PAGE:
Heart Rate Variability and How to Monitor and Reduce Your Stress Levels

Heart rate variability by Simon Borg-Olivier

Figure 1: Heart rate variability in an adult with controlled slow breathing: horizontal axis is time, vertical axis is heart rate, ascending lines correspond to slow controlled inhalation, descending lines correspond to  slow controlled exhalation; by Simon Borg-Olivier (click on this image for full photo)

 

This photo shows a graph of my heart rate variability (HRV) over 5 smooth breaths in a simple seated posture. Notice how on inhalation (line going up) my heart rate goes up to as high as 72 beats per minute. Then when I exhale (line going down) my heart rate goes down to as low as 42 beats per minute. Increased HRV is one the best indicators of internal health. Good yoga can easily teach this and that is exactly what I want to teach you this weekend if you can come. For adults HRV is generally very poor without something like good yoga in your life. Much of the yoga practices I see around the world actually causes more stress (and worse HRV) than good health. Yoga is ideally the art of doing stressful things while being relaxed yet getting stronger and fitter. This morning 9 daughter Amaliah did this exercise and her HRV went back and forth between 38 to 115 beats per minute on each breath while just sitting relaxed for a few minutes. Now that’s the healthy state most kids have! Adults have to work for it!

 

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Figure 2: Heart rate variability in a normal adult with natural breathing; no obvious correlation with breath is seen here; horizontal axis is time, vertical axis is heart rate, by Simon Borg-Olivier (click on this image for full photo)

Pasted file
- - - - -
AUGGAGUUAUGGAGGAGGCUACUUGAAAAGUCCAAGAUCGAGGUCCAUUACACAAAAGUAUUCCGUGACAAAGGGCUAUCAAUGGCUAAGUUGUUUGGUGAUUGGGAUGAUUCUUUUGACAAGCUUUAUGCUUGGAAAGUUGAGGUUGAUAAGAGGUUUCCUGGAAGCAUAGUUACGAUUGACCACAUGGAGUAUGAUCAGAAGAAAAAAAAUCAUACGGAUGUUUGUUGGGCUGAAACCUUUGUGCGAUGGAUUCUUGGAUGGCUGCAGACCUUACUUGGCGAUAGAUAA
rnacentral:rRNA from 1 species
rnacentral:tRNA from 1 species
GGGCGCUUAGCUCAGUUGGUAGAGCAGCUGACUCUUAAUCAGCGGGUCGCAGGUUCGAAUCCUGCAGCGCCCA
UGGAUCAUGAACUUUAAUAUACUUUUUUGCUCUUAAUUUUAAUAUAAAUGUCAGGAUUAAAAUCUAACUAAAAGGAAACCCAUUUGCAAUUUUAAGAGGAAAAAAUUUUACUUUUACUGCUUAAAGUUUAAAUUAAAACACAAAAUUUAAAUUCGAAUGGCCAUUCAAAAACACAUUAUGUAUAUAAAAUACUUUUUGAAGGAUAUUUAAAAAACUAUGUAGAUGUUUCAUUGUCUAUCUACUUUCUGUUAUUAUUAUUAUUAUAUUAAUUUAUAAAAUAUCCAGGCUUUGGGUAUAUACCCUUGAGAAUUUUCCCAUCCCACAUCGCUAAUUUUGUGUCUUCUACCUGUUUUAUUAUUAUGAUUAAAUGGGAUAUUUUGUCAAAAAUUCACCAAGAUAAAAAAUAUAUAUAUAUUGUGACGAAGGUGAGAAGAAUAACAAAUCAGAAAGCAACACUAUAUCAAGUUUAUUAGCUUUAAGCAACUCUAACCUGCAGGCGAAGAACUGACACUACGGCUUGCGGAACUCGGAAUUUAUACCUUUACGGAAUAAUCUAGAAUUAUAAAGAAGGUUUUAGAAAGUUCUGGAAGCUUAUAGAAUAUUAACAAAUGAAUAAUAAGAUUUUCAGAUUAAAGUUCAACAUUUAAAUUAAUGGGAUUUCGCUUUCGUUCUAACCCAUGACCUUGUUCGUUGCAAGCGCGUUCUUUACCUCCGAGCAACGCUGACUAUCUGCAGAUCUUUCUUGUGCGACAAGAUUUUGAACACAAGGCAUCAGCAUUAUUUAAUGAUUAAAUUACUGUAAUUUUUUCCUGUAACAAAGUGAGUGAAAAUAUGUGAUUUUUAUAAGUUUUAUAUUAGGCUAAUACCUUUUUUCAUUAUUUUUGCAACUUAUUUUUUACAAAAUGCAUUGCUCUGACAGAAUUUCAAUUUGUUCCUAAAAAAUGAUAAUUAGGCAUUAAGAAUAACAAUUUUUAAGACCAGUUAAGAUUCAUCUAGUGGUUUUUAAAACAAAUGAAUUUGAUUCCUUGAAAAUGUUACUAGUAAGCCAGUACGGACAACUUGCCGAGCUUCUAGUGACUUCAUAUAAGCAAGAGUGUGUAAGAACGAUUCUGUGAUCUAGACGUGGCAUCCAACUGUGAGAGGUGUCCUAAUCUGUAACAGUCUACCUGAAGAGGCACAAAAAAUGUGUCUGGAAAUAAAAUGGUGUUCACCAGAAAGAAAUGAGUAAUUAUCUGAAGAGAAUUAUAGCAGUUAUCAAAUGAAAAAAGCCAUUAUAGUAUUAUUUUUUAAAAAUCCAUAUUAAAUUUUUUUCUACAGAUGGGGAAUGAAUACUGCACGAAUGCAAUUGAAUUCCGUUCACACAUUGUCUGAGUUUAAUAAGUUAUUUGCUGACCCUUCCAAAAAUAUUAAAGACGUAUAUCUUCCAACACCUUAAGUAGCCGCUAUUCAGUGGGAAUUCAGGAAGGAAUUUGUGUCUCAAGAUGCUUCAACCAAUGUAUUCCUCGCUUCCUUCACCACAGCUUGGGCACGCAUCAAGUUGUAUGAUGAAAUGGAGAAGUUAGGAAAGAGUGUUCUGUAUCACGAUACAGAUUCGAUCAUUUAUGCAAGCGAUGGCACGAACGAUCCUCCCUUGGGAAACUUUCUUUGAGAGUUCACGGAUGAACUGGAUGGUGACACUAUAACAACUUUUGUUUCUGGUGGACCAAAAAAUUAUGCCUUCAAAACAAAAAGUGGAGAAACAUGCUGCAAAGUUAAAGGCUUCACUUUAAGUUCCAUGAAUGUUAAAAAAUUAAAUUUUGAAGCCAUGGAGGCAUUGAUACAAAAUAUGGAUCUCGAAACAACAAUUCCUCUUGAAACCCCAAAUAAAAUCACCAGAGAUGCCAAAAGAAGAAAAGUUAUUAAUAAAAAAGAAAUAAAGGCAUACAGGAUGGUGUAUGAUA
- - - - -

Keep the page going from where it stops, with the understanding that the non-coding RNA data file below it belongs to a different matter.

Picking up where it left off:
I took these photos using the App called Stress Doctor. More about this App and HRV below …

Stress Doctor is a great mobile app that helps you reduce your stress level in just 5 minutes.

Stress Doctor relies on proven biofeedback techniques to help sync your breathing with your autonomous nervous system (ANS). This synchronization increases your Heart Rate Variability (HRV), which in turn lowers your heart rate, reduces your stress and anxiety levels and controls your blood flow.

HRV and Stress

HRV is the variation in interval between heartbeats. High HRV is achieved when a person is relaxed and breathing slowly.

Respiratory Sinus Arrhythmia (RSA) is a naturally occurring variation in heart rate that occurs during a breathing cycle and is dirctly proportional to HRV. Higher RSA (higher HRV) is indicative of a nervous system that is more equipped to handle stress.

HRV biofeedback training includes monitoring RSA and adjusting breathing patterns to increase HRV. This training is an effective tool to moderate stress and anxiety levels and depressed mood.

Effect of Breathing

Your heart rate varies naturally, increasing during inhalation and decreasing during exhalation. Breathing influences the transmission of sympathetic and vagus impulses to the sinoatrial node and in turn controls your heart rate. The vagus nerve reduces heart rate and the force of contraction, and is primarily responsible for controlling the heart’s rhythm. When we inhale, the vagus nerve activity is reduced and the heart rate increases. On exhale, activity is increased and heart rate decreases.